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Aviation United? We Can Hope

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Something that has always made aviation a unique vocation and interest is that regardless of your place within it, there are bonds between you and other aviators that function on so many levels that there is common ground on almost every topic imaginable. Once you've intentionally put distance between yourself and terra firma, you've joined the club and you are welcome at all of its locations.

So, that's why the past couple of years have been uncomfortable, if inevitably so. Squabbles in close-knit communities happen and they tend to cloud the larger issues, especially when they're about money.

The great user fee battle was entirely about money and, while fighting about money isn't intrinsically destructive, especially when the supply seems short, it can be a tremendous distraction when things simply need to get done.

Is it possible that the airlines and the rest of aviation have buried the hatchet and are willing to work together to get these things done?

The U.S. badly needs to get working on modernizing its aviation system. From grass strips in the mountains to JFK and O'Hare, the system is creaking under the weight of its own success as truly one of the most remarkable endeavors of mankind.

But in an era where most of our cars are equipped for turn-by-turn navigation, when we communicate effortlessly in a half a dozen ways that didn't exist 20 years ago, when it's possible to track the movements of our teenagers through their cell phones, we're still flying most people where they're going using VHF radio signals as the basis for navigation.

Sure, it works but it's such a stunning anachronism in the context of what we, as pilots, and our equipment can now help us accomplish, it would be funny if it wasn't so ridiculous.

And that's why the announcement that most areas of the aviation industry have come together to lobby for $4 billion in modernization funding is welcome. Because, while we all need this stuff, the only reason we don't already have it is because we haven't been able to get together to present this united front. Politicians are loathe to commit money to any sector that can't seemingly get its own act together and that is why we don't have an FAA administrator, NextGen is treading water, you can't squeeze another plane in edgewise at half a dozen of the country's most important airports and, I suspect, why people who might otherwise enjoy being pilots are finding other things to do.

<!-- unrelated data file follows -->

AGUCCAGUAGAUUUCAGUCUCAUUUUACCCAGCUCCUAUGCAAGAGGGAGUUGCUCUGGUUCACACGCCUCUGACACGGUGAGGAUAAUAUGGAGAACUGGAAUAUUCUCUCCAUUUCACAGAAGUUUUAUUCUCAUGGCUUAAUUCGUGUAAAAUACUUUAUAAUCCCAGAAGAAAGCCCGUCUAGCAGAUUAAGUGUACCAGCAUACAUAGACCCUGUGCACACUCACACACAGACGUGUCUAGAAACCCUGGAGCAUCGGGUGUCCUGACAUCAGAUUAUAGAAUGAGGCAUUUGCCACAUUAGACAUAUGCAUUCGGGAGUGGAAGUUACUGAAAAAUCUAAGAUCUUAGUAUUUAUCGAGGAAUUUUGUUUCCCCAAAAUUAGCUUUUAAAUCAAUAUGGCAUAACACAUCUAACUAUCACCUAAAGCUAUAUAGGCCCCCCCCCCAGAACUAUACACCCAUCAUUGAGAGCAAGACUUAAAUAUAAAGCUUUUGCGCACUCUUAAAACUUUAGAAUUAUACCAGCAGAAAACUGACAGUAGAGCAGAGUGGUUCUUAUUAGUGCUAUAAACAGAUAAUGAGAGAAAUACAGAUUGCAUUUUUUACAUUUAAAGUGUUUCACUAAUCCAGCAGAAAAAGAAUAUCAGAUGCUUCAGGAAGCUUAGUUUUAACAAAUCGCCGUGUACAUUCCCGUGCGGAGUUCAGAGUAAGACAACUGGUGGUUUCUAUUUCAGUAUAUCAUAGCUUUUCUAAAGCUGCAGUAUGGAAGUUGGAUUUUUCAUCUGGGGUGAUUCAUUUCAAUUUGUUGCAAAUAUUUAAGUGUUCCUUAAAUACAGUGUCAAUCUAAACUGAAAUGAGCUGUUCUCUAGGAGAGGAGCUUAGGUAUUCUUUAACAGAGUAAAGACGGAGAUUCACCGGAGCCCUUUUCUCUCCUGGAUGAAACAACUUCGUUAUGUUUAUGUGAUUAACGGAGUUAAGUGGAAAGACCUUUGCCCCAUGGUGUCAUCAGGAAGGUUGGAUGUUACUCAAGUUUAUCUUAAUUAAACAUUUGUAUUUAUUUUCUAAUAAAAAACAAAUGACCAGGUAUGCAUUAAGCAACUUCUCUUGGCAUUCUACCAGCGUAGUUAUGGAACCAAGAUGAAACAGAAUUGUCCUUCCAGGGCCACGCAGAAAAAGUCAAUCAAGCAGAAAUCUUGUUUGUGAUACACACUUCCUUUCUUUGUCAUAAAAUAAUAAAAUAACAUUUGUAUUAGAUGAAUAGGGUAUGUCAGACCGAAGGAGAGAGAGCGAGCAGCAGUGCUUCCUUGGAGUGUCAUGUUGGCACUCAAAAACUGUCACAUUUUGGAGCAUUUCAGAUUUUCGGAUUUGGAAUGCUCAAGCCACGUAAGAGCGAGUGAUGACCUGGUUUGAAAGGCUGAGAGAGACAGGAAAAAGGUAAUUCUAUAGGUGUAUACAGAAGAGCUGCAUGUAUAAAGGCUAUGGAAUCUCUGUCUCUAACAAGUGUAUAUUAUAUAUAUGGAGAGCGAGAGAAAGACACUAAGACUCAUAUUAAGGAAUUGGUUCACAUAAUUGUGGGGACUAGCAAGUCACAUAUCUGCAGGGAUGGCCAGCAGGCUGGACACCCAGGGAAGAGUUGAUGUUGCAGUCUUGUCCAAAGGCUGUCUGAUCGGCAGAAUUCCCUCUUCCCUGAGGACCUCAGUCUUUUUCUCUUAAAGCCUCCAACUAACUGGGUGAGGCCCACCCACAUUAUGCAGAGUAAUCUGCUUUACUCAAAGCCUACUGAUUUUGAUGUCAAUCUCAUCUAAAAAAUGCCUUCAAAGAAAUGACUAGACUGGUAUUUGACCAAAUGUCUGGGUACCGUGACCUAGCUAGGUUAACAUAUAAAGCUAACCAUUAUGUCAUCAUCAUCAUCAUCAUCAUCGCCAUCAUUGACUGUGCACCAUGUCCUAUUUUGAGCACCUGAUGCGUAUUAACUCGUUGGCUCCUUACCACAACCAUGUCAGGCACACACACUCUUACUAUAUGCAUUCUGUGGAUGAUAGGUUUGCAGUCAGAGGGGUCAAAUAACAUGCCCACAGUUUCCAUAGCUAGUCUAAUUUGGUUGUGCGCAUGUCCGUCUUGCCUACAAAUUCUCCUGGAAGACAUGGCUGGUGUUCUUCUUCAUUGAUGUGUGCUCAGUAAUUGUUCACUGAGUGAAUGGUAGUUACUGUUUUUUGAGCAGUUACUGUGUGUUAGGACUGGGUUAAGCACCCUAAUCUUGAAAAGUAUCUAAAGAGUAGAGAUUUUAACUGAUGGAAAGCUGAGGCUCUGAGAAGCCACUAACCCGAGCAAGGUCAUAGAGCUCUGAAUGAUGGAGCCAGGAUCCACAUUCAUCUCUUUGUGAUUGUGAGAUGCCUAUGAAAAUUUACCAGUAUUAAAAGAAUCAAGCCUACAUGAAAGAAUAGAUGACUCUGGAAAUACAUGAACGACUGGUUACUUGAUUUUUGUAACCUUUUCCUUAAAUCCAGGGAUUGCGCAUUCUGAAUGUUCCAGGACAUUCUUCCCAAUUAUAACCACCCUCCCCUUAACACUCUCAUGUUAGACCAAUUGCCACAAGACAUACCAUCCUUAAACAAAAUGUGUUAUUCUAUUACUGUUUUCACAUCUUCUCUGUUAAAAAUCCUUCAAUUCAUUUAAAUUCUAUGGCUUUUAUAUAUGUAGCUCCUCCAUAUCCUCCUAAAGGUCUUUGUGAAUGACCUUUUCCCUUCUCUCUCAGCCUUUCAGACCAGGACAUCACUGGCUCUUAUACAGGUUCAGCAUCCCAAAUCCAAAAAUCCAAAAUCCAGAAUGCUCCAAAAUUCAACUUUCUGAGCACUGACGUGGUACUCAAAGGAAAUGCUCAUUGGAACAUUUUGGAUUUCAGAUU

There's no doubt the wars of the past few years had to be waged. But there's also no doubt that in the "new era" that is supposed to start next Tuesday that those wars will be ancient history and those pulling the strings will want to see ideas for the future, not battle scars from the past.

Comments (1)

The "Band of Brothers" theory is a pleasant fiction. The fact is that the different segments of aviation have very different and sometimes opposing interests. In the normal times each segment is going to go it's own way and fight for as much of the pie as it can get. It's when things are going to hell in a hurricane and the barbarians are at the gate that we are able to rise above our compartmentalized goals and suddenly see the imperative as well as the value of common effort. The "new era" will last only as long as the crisis, then it's back to businees as usual. How long do you think this alliance would last if Congress were to say they would give one segment, and only one segment, everything they asked?

Posted by: Richard Montague | January 15, 2009 8:09 AM    Report this comment

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